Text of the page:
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Book details
  • Genre:RELIGION
  • SubGenre:Comparative Religion
  • Language:English
  • Series title:The Universal God
  • Series Number:1
  • Pages:320
  • Format:Paperback
  • eBook ISBN:9781098341091
  • Paperback ISBN:9781098341084

The Universal God

The Search for God in the Twenty-First Century

by R. William Davies View author's profile page

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Overview

Editorial Reviews:

"The Universal God is an ambitious work of comparative religion. Davies' intension is admirable, and he does a nice job of condensing his material in a way that is accessible and pleasing to read.  His enthusiasm is apparent, and his sections on the outward path and inward path are informative and thought provoking."  -Blue Ink Review-

"(Mr.) Davies endeavors to lead the spiritual seeker in a quest to find God...(He) successfully communicates his research (and) conclusion in a manner that...readers will find both refreshing and thought provoking.  (His) desire is to lead others in their own quests for God is apparent in this sincere and well-written book."  -Clarion Review-

"A comparative religion primer asserts that the quest to find God is within the great modern religions...A methodical, reasonable initiation for the student or spiritual seeker."   -Kirkus Review-

Description

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The full title of this book is: "The Universal God, The Search for God in the Twenty-First Century".  This book is written as a 'spiritual quest to find God. The emphasis within this search is on the 'spiritual' and not the 'traditional' vision of God. The objective of this book is to allow the reader to independently search, define and better understand God's 'potential' within their own individual lives. There probably are no two readers who will read this book and come away with the exact same set of conclusions at the book's end. The search begins within the major modern religions: Hinduism, Confucianism/Taoism, Buddhism, Judaism, Christianity, and Islam. Each of these religions, in their own ways reveal God to us; sometimes in visions that are 'shared in common' with each other; and sometimes, in very startling and different visions. Within the context of this book, the author will discuss both those shared visions as well as those visions that are different and unique from each other.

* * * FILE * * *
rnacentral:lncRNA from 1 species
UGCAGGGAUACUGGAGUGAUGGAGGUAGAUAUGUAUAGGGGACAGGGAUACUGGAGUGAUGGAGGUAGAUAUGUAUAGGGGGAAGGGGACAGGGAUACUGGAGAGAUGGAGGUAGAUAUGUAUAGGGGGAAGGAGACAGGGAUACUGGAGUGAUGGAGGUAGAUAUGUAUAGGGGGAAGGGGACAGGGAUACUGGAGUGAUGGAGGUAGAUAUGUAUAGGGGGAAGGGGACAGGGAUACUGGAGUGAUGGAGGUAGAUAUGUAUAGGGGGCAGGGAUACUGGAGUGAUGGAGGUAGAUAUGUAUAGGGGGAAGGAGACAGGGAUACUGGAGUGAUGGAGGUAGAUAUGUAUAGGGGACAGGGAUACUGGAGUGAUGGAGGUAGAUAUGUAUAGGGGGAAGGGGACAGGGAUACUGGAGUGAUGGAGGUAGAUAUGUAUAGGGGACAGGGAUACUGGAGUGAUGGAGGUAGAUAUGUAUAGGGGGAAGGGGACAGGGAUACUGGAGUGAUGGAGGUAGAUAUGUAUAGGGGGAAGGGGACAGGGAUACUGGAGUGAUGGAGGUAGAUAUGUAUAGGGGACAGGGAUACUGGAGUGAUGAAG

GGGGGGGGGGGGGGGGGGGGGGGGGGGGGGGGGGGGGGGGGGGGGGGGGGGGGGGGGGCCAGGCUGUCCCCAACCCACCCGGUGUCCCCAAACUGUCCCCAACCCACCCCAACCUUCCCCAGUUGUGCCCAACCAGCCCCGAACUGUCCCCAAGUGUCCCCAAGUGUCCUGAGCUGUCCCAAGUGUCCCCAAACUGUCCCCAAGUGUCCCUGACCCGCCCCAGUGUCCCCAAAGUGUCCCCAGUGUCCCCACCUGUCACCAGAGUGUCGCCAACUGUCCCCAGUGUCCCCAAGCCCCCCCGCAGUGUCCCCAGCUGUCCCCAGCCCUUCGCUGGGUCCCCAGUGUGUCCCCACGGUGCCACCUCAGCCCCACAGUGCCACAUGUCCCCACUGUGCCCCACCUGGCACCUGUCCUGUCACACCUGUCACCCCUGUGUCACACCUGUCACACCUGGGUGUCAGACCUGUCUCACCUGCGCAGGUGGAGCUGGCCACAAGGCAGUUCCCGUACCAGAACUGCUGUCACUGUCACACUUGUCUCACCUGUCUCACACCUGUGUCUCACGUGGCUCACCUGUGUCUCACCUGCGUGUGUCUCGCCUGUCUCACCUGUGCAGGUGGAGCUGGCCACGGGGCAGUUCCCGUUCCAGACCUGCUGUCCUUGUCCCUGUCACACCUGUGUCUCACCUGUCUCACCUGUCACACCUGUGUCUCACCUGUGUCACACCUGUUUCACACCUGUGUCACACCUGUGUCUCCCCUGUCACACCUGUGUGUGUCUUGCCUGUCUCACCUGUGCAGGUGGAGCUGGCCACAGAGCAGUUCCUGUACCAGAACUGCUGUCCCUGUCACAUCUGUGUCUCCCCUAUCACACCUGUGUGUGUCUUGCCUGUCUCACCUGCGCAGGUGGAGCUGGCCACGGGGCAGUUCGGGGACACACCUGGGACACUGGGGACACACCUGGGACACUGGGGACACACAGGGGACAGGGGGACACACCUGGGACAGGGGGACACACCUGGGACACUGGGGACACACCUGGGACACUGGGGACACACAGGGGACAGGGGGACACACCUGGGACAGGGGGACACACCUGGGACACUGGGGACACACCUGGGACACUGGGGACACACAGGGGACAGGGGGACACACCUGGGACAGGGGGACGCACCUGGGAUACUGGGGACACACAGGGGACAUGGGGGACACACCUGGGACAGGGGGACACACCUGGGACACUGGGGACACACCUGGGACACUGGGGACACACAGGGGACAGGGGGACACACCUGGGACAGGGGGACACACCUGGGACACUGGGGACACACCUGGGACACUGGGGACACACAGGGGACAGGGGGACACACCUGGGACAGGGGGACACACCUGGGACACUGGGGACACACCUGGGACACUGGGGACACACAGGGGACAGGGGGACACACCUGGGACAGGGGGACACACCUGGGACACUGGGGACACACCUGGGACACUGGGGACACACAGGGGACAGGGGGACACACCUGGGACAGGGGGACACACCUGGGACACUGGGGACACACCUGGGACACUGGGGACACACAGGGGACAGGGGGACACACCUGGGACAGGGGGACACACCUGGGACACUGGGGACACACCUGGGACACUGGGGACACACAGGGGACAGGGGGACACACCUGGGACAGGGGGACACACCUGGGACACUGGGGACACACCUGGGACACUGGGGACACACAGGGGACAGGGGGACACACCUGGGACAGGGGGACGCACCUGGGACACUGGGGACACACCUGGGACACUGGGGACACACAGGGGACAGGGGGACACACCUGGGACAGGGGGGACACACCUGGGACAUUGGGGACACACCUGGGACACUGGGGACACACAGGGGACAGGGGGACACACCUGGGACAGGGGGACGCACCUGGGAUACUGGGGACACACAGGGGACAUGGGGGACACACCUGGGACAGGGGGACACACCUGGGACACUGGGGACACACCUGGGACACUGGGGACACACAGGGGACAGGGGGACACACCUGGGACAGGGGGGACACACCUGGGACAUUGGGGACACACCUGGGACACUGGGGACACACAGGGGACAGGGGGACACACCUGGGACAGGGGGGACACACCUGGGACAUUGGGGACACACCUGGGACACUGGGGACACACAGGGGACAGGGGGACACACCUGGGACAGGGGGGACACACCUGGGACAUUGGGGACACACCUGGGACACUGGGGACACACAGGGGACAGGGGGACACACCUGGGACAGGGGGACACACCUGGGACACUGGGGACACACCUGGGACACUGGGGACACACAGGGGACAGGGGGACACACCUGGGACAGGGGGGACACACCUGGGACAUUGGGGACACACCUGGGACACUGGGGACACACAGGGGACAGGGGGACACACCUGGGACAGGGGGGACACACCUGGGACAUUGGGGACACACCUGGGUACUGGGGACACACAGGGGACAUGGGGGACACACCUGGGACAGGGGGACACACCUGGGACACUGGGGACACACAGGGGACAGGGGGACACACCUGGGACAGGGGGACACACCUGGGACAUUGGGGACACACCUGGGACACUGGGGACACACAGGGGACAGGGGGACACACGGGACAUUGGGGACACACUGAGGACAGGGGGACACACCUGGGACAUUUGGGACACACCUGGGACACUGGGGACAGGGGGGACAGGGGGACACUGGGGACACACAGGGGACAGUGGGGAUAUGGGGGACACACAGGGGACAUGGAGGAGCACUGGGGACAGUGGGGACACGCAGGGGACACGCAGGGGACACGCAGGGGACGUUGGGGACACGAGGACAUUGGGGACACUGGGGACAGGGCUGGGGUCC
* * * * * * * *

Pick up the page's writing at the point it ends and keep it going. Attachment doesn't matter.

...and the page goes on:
This book differs from most of the other comparative religion books that are on the market. The 'dogmas, religious practices and rituals within each of these religions are not discussed in any in-depth detail. The book instead focuses its search on those 'divine sparks' and 'spiritual inspirations' that originally brought each of these religions into existence. The comparisons within this book are focused on the lives, direct spiritual teachings and theologies of those individuals and sources that gave birth and sparked the founding of each of these religions. If we are to find God's 'Spirituality', it must come from going directly back in time to each religions' inspirational origins. The book is written to make direct comparisons between what Jesus said, to what the Buddha said, to what Mohammed said, to what Krishna said, to what Confucius said, to what Moses (and the other Jewish prophets) said, and to what Lao-tzu said. When the founding teachings (which are the direct spiritual source of each of these religions) are compared, they are found to have many teachings that are 'shared in common' with each other.